But our text is clear. It is not merely the wind, the earthquake and the fire that matter for Elijah's transformation. It's not the big nature-shifting event beforehand, but rather what happens in the stillness, in the peace and reflective quiet thereafter. The defining moment in this text is the still, small voice, the whisper in Elijah's heart and soul, the gentle call of God asking him, "Why are you here, Elijah?" that compels him toward the entrance of the cave, and urges him to continue his journey of faith.
A personal story, if I may. Nearly ten years ago, as my mother was dying from cancer, I was in my last year of rabbinical school, and I remember expressing to her, rather selfishly and unaware, how much it would mean to me if she would live long enough to be present at my ordination as a rabbi. Grief can make us do remarkable, inexplicable things. But my mom wasn't one to pull punches. She said, "Paul, I'll be lucky to survive the week. And why are you so worried about having me at your ordination? Your work as a rabbi will be about the people you teach, counsel and comfort. What you will do every day will matter. The moment in which you walk across the stage and receive a diploma won't matter as much."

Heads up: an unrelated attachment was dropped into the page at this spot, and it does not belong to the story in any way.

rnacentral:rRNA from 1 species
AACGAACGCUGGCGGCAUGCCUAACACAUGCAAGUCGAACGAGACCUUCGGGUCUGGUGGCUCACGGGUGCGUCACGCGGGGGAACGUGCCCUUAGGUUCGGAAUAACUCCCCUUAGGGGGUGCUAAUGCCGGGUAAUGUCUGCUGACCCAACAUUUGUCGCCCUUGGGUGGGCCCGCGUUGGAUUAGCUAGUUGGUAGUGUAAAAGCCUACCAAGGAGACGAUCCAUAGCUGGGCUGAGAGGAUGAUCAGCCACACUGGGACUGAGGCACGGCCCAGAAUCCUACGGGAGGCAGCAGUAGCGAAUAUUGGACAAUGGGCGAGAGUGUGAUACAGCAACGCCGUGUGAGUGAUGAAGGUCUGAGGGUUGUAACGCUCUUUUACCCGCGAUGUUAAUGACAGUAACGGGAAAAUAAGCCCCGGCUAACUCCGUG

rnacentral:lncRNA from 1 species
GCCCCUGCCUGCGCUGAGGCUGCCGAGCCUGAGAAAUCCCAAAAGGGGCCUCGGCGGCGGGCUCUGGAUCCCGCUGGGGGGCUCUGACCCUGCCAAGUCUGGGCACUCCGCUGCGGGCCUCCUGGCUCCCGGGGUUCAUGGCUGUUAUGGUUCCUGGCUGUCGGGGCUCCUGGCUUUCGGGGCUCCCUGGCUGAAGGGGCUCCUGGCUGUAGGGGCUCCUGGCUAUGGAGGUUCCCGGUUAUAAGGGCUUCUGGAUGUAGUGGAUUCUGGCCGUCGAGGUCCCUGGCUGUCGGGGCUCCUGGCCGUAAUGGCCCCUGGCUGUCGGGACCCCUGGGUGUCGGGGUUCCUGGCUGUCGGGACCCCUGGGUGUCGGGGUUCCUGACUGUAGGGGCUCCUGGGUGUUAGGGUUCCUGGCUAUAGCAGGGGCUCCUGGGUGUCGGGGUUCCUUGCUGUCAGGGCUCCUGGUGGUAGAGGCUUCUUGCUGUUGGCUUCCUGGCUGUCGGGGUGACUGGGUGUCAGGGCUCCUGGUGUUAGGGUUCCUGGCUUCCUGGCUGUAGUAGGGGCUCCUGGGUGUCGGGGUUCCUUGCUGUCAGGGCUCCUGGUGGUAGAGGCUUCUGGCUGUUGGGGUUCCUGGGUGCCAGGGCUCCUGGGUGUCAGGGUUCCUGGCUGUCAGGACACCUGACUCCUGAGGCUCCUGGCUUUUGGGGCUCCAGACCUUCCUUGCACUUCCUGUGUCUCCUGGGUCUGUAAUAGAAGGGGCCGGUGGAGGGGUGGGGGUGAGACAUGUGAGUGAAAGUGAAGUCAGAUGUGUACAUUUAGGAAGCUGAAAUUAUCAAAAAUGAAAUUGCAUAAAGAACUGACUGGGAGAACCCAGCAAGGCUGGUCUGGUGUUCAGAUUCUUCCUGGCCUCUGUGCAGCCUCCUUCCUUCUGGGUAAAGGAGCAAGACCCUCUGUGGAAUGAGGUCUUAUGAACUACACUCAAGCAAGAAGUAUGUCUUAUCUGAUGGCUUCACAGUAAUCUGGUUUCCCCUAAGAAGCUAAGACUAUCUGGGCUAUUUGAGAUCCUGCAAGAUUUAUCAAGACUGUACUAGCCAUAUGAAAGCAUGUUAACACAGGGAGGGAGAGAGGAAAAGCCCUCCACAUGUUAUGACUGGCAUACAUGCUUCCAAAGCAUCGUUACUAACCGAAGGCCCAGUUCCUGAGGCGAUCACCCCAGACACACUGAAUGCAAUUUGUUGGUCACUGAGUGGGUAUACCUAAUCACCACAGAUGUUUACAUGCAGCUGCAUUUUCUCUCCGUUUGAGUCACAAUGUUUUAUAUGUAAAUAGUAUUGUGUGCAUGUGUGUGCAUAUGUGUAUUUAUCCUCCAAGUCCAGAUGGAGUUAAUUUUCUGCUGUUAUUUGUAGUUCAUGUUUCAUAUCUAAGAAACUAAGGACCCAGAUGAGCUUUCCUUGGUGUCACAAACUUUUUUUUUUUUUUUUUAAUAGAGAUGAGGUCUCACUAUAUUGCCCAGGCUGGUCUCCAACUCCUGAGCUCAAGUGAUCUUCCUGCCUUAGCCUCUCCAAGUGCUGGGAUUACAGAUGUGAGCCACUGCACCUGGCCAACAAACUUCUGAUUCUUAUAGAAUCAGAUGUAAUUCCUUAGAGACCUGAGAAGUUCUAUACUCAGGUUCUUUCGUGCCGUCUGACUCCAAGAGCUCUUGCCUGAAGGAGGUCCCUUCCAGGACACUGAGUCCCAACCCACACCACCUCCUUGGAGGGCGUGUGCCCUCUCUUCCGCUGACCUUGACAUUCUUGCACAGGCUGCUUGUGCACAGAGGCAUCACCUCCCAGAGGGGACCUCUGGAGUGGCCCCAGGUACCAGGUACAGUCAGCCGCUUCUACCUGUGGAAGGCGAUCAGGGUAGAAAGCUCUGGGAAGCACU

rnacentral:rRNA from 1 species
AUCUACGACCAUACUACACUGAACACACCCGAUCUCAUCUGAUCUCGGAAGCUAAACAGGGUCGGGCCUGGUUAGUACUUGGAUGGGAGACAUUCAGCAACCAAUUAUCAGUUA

My mother's message that the little, everyday things that we do matter, and matter so much more than the big, demonstrative, seemingly newsworthy moments, is God's message to Elijah. Not in the wind, the earthquake or the fire does Elijah hear God, but in the still, small voice after the fact. The news media, the live feed on Facebook, and the world draw our attention to big events -- buildings exploding and collapsing, elected leaders who can be manipulative, indecisive and corrupt, unthinkable and unbearable images from the Middle East. There are watershed moments in our lives when tragedy strikes, when friends, family members and people in our community are stricken with illness.